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Methanol: The New Hydrogen

March 26, 2006View for printing

Advances in methanol synthesis, coupled with improved fuel cell technology, could make it a viable alternative to gasoline.

Hydrogen has been getting plenty of hype as a potential replacement transportation fuel, for cutting carbon dioxide emissions and reducing dependence on fossil fuels. But methanol would be far better than the more reactive and volatile hydrogen, argues George Olah, a chemist and Nobel laureate, in a new book, Beyond Oil and Gas: The Methanol Economy.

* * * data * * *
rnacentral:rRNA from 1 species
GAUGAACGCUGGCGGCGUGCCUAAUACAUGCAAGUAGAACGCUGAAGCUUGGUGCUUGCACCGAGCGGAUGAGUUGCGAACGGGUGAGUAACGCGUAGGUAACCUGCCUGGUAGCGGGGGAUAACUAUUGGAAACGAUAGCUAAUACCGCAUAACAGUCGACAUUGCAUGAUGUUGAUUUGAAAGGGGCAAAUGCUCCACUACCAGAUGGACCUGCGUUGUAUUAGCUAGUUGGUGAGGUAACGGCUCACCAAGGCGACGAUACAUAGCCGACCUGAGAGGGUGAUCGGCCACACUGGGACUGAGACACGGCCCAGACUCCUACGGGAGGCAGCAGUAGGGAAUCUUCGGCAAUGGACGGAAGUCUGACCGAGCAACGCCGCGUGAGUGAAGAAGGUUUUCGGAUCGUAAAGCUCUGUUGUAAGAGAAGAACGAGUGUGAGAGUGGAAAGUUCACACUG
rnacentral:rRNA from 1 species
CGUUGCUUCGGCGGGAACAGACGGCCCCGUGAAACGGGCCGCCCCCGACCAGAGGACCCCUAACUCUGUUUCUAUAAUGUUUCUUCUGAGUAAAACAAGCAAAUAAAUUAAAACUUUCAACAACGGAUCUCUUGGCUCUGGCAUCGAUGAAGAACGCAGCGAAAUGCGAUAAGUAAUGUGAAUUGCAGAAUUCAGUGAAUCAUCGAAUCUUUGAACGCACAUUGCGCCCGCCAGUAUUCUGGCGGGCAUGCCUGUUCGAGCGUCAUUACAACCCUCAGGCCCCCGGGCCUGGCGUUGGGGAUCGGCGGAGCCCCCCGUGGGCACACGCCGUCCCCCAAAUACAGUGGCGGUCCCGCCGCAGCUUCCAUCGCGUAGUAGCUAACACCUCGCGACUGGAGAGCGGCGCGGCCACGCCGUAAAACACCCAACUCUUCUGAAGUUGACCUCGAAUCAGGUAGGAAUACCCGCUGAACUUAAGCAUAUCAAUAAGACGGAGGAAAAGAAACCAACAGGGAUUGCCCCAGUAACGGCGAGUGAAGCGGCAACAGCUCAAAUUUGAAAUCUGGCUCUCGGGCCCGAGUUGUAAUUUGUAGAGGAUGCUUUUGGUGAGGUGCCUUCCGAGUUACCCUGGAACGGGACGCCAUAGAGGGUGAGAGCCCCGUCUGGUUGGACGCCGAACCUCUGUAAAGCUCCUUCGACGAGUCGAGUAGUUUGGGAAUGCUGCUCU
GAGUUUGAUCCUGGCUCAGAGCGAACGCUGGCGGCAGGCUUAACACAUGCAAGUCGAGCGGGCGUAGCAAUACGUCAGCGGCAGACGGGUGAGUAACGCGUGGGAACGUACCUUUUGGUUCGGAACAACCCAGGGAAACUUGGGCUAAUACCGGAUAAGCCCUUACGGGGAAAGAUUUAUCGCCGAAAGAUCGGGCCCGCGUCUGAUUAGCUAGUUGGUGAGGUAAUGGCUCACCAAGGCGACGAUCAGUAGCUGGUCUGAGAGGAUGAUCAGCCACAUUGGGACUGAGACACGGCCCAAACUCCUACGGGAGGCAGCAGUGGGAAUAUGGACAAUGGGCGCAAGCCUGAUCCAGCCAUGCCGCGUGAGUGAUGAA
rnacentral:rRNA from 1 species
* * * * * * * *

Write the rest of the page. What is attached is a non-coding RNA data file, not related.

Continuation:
Olah notes that methanol, a clean-burning liquid, would require only minor modifications to existing engines and fuel-delivery infrastructure (see "The Methanol Economy"). And manufacturing it could even make use of carbon dioxide, a source of global warming. Methanol's benefits have long been understood -- now recent advances in methanol synthesis and methanol fuel cells could make this fuel even more attractive.

By Chandra Shekhar

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